Parents of children suffering from the nodding disease are worried that the disease has become contagious. Oketa Agoma of Awere village in Labongo-Amida Sub County says his grand child acquired the nodding disease in 2005. Andrew Omony, who is 13-years-old is severely malnourished and stunted, and can be easily mistaken for a five-year-old. According to Agoma seeing his grand child become unable to walk and talk was such pain, but not more than when three of his grandchildren contracted the same disease a year ago. Agoma claims that two of the children have run mad. He says the only child that still goes to school is gradually becoming dull in class, and rarely remembers what is taught in school. He reveals that some parents have resorted to giving herbs to the troubled children; unfortunately their conditions get even worse. Christine Auma a mother shares the same pain. Her seven year old daughter Vicky Aparo, got the disease a year a go, and has now stopped studying. Aparo is unhealthily skinny. Aparo welcomes any visitor that goes to their home with a wide smile and a hand shake. In an attempt to explain how she feels, Aparo repeats the sentence for more than two minutes untill her mum shuts her up. And her mother says that is the furthest she can go with her speech. What puzzles Auma is the contagious nature of the disease. Now, Aparo's five year old brother has also contracted the affliction. She says although medical officials are giving them epilepsy tablets, there is no improvement in the condition of the children. To her there is a distinction between nodding disease and epilepsy because the former is more severe than the latter. She says her children suffer fits at least four times at night, which she says doesn't happen with epileptics. Auma claims that there are families with five children suffering from the disease, and that there are about two hundred children affected in Okidi village. Mary Grace Lanyero, a senior psychiatric clinical officer at Kitgum trauma center, says the victims of the nodding disease have many complications, and she explains one of them. //Cue in: iWe found that all these#i Cue out: i#for proper analysis.i// Lanyero adds that some of the children present as if they are suffering from meningitis. She says neurological tests have been done, to assess how their nerves are functioning, and possibly answer all the puzzling questions. //Cue in: iWe want o find out#i Cue out: i# has to do something.i// Victims of the nodding disease are children who apparently tend to nod vigorously at the sight of food. The condition often progresses to severe seizures, mental retardation and death.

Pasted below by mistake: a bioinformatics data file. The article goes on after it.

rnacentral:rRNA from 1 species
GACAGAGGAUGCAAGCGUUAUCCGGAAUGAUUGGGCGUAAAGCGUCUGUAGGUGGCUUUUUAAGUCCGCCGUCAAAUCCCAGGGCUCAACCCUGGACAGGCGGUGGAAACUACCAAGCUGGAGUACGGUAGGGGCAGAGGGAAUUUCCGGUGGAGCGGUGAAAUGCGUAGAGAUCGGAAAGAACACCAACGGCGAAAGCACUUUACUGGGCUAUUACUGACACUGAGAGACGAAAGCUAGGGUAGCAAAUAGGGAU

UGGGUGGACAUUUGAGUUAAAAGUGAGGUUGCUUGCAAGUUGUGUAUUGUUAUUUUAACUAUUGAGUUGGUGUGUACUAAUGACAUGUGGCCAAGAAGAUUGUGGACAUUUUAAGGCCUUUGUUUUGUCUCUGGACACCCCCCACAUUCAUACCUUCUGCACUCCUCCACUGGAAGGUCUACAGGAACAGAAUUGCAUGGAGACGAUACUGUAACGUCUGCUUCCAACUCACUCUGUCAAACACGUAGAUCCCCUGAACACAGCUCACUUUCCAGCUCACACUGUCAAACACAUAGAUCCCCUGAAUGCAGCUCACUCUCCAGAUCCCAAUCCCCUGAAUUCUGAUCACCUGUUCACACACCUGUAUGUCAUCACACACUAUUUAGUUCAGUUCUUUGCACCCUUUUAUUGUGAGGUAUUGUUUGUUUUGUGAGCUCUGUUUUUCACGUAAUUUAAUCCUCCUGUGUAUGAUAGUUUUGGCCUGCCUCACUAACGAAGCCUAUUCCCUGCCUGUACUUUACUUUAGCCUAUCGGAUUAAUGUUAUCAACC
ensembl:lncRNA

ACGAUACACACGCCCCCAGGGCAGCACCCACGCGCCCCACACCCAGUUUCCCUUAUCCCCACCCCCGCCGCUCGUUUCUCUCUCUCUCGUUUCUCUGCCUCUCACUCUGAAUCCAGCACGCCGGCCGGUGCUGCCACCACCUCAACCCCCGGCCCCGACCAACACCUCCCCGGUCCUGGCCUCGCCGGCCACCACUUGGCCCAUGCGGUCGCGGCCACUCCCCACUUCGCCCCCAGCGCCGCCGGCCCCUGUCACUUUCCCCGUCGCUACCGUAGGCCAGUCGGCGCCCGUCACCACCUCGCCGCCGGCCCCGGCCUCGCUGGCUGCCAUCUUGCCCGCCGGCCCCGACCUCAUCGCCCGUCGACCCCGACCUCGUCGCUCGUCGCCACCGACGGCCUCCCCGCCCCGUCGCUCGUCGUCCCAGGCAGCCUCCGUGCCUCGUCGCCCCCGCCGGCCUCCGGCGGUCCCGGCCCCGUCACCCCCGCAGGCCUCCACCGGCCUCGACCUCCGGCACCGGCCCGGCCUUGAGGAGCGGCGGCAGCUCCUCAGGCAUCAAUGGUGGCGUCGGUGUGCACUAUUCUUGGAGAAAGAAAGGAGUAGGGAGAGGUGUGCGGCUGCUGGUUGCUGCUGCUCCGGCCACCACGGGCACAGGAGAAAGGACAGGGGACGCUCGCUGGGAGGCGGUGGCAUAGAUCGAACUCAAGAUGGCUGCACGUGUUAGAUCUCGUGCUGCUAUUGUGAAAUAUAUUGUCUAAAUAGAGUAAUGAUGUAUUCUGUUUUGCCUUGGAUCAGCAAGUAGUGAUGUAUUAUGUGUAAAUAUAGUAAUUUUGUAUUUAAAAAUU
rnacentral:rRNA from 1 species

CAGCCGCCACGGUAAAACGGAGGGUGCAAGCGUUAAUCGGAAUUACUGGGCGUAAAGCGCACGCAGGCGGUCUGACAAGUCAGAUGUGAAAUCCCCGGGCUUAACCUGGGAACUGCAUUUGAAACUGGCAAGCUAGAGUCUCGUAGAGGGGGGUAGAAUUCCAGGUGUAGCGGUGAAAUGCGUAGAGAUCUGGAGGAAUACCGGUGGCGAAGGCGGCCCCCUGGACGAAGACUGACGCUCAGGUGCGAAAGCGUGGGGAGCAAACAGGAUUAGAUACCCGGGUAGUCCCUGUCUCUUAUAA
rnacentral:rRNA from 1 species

Updated: 03 Mar, 04:5604:56